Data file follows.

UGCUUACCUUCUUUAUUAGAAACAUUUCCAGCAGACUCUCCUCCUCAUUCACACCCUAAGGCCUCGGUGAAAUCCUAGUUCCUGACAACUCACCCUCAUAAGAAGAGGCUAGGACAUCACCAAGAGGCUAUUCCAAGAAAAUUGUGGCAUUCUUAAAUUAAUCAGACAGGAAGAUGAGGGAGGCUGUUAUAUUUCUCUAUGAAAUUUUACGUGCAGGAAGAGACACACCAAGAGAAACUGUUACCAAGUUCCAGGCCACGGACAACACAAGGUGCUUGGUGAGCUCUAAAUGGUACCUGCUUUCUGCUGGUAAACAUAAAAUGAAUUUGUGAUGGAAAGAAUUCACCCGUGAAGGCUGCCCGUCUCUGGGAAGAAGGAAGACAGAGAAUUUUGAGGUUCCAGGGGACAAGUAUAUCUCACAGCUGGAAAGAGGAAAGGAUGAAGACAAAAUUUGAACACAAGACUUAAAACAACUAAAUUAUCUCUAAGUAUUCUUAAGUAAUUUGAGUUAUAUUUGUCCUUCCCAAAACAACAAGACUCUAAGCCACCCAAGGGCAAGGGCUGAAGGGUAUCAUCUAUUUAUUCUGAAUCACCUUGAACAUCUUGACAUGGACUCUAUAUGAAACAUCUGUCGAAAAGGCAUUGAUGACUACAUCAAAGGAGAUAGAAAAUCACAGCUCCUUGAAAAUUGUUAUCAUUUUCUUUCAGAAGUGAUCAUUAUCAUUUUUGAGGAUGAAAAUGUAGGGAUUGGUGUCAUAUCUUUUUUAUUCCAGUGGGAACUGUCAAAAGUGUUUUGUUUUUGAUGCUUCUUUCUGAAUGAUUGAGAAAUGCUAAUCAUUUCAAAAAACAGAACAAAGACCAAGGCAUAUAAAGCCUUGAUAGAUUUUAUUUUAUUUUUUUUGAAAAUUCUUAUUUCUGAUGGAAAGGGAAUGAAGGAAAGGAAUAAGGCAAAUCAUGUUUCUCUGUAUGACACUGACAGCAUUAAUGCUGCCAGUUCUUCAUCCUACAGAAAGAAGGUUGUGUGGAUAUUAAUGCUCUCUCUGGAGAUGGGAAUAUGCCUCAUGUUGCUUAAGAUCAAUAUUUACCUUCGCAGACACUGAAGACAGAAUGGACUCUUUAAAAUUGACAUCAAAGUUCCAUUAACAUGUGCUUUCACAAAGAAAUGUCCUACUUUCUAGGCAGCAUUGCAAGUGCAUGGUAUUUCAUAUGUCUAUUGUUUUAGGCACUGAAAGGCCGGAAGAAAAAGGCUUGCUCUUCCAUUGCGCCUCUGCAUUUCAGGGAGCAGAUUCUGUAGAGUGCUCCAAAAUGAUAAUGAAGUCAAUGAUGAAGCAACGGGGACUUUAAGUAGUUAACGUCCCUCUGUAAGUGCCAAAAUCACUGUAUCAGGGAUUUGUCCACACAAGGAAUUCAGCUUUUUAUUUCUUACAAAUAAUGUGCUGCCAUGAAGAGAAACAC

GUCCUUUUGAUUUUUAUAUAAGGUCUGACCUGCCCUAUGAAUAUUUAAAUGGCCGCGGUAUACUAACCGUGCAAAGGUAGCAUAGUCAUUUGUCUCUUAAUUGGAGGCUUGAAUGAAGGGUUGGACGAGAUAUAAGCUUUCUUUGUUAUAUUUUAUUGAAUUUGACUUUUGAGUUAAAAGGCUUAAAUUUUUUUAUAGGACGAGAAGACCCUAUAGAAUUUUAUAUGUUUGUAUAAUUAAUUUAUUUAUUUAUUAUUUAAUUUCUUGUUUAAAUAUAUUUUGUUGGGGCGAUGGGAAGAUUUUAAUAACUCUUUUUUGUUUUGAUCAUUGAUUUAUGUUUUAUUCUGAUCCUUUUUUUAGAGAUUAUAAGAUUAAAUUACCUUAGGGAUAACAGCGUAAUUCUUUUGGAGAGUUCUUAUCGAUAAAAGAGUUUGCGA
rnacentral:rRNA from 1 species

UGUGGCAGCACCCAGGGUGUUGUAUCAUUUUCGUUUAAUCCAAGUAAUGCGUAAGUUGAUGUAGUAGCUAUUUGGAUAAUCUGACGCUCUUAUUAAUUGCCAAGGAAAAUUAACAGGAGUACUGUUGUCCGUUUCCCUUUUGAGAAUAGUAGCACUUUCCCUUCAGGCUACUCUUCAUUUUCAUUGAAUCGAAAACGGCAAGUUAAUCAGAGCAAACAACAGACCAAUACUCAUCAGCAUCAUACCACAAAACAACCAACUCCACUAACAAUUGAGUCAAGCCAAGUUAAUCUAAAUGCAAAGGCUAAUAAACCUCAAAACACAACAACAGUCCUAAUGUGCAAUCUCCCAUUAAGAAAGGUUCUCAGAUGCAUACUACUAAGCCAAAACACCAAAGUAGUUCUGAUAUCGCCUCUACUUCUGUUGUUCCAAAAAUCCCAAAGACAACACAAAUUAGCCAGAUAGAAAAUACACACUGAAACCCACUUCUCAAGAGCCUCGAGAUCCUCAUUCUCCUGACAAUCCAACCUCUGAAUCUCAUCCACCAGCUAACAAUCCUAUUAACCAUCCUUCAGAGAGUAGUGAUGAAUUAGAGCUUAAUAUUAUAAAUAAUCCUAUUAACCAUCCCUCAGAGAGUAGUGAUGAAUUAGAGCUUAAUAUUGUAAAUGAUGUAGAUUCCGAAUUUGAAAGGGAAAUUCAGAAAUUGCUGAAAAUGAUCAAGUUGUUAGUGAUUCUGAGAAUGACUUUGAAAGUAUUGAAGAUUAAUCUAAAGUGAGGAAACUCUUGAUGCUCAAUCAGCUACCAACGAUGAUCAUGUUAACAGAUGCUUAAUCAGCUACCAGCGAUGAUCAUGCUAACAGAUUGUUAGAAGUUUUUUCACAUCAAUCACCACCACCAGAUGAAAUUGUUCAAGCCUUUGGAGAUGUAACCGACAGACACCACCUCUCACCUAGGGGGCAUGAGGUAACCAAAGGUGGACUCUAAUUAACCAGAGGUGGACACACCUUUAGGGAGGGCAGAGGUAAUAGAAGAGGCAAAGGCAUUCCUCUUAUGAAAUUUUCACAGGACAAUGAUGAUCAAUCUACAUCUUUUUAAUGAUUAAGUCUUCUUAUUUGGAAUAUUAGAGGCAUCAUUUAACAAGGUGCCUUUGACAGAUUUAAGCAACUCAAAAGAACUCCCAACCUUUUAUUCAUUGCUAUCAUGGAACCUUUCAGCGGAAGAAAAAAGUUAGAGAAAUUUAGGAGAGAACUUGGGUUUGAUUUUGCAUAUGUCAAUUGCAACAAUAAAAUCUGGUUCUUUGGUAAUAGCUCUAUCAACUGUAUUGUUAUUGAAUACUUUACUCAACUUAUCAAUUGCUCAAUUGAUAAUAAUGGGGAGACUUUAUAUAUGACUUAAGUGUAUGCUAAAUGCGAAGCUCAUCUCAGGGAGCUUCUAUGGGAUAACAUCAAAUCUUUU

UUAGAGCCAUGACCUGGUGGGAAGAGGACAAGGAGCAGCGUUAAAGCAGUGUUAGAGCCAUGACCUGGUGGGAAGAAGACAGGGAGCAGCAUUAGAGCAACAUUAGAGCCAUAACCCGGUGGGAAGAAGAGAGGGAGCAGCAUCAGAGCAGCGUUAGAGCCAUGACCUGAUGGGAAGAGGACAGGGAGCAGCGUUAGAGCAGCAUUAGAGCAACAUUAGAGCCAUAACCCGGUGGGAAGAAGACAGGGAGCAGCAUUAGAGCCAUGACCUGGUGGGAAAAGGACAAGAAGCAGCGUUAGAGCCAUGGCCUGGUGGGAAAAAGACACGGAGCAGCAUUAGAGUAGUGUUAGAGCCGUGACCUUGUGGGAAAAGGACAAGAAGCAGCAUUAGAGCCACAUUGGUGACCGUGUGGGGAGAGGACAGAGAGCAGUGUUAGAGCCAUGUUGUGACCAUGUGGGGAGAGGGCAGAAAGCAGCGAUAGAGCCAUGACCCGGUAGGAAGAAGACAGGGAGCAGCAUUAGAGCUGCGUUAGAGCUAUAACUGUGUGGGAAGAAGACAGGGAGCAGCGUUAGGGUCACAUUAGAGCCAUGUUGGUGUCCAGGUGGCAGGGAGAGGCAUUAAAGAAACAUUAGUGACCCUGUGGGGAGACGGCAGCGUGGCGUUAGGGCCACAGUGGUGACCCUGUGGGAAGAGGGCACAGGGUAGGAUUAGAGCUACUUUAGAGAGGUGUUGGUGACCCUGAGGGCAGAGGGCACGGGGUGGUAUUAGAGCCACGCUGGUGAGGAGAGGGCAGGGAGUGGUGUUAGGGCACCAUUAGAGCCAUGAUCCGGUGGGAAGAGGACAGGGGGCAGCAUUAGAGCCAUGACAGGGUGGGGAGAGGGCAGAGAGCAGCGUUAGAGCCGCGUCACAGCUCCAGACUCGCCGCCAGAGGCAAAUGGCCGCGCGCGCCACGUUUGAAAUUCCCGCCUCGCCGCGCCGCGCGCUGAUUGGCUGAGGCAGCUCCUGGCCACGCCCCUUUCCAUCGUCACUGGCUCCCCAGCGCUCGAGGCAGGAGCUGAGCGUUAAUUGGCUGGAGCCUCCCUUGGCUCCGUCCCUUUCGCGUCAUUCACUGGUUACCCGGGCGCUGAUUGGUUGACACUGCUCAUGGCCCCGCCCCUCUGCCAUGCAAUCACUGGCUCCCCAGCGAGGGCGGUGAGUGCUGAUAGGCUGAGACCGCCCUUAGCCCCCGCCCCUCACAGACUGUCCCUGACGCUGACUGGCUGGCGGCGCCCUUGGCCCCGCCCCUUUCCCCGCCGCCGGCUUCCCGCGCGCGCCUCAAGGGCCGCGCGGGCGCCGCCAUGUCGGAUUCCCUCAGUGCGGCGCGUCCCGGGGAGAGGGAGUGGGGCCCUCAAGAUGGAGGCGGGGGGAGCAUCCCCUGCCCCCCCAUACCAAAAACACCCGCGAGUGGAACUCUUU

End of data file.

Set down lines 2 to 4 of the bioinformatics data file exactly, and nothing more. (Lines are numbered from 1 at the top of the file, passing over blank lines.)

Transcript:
GUCCUUUUGAUUUUUAUAUAAGGUCUGACCUGCCCUAUGAAUAUUUAAAUGGCCGCGGUAUACUAACCGUGCAAAGGUAGCAUAGUCAUUUGUCUCUUAAUUGGAGGCUUGAAUGAAGGGUUGGACGAGAUAUAAGCUUUCUUUGUUAUAUUUUAUUGAAUUUGACUUUUGAGUUAAAAGGCUUAAAUUUUUUUAUAGGACGAGAAGACCCUAUAGAAUUUUAUAUGUUUGUAUAAUUAAUUUAUUUAUUUAUUAUUUAAUUUCUUGUUUAAAUAUAUUUUGUUGGGGCGAUGGGAAGAUUUUAAUAACUCUUUUUUGUUUUGAUCAUUGAUUUAUGUUUUAUUCUGAUCCUUUUUUUAGAGAUUAUAAGAUUAAAUUACCUUAGGGAUAACAGCGUAAUUCUUUUGGAGAGUUCUUAUCGAUAAAAGAGUUUGCGA
rnacentral:rRNA from 1 species

UGUGGCAGCACCCAGGGUGUUGUAUCAUUUUCGUUUAAUCCAAGUAAUGCGUAAGUUGAUGUAGUAGCUAUUUGGAUAAUCUGACGCUCUUAUUAAUUGCCAAGGAAAAUUAACAGGAGUACUGUUGUCCGUUUCCCUUUUGAGAAUAGUAGCACUUUCCCUUCAGGCUACUCUUCAUUUUCAUUGAAUCGAAAACGGCAAGUUAAUCAGAGCAAACAACAGACCAAUACUCAUCAGCAUCAUACCACAAAACAACCAACUCCACUAACAAUUGAGUCAAGCCAAGUUAAUCUAAAUGCAAAGGCUAAUAAACCUCAAAACACAACAACAGUCCUAAUGUGCAAUCUCCCAUUAAGAAAGGUUCUCAGAUGCAUACUACUAAGCCAAAACACCAAAGUAGUUCUGAUAUCGCCUCUACUUCUGUUGUUCCAAAAAUCCCAAAGACAACACAAAUUAGCCAGAUAGAAAAUACACACUGAAACCCACUUCUCAAGAGCCUCGAGAUCCUCAUUCUCCUGACAAUCCAACCUCUGAAUCUCAUCCACCAGCUAACAAUCCUAUUAACCAUCCUUCAGAGAGUAGUGAUGAAUUAGAGCUUAAUAUUAUAAAUAAUCCUAUUAACCAUCCCUCAGAGAGUAGUGAUGAAUUAGAGCUUAAUAUUGUAAAUGAUGUAGAUUCCGAAUUUGAAAGGGAAAUUCAGAAAUUGCUGAAAAUGAUCAAGUUGUUAGUGAUUCUGAGAAUGACUUUGAAAGUAUUGAAGAUUAAUCUAAAGUGAGGAAACUCUUGAUGCUCAAUCAGCUACCAACGAUGAUCAUGUUAACAGAUGCUUAAUCAGCUACCAGCGAUGAUCAUGCUAACAGAUUGUUAGAAGUUUUUUCACAUCAAUCACCACCACCAGAUGAAAUUGUUCAAGCCUUUGGAGAUGUAACCGACAGACACCACCUCUCACCUAGGGGGCAUGAGGUAACCAAAGGUGGACUCUAAUUAACCAGAGGUGGACACACCUUUAGGGAGGGCAGAGGUAAUAGAAGAGGCAAAGGCAUUCCUCUUAUGAAAUUUUCACAGGACAAUGAUGAUCAAUCUACAUCUUUUUAAUGAUUAAGUCUUCUUAUUUGGAAUAUUAGAGGCAUCAUUUAACAAGGUGCCUUUGACAGAUUUAAGCAACUCAAAAGAACUCCCAACCUUUUAUUCAUUGCUAUCAUGGAACCUUUCAGCGGAAGAAAAAAGUUAGAGAAAUUUAGGAGAGAACUUGGGUUUGAUUUUGCAUAUGUCAAUUGCAACAAUAAAAUCUGGUUCUUUGGUAAUAGCUCUAUCAACUGUAUUGUUAUUGAAUACUUUACUCAACUUAUCAAUUGCUCAAUUGAUAAUAAUGGGGAGACUUUAUAUAUGACUUAAGUGUAUGCUAAAUGCGAAGCUCAUCUCAGGGAGCUUCUAUGGGAUAACAUCAAAUCUUUU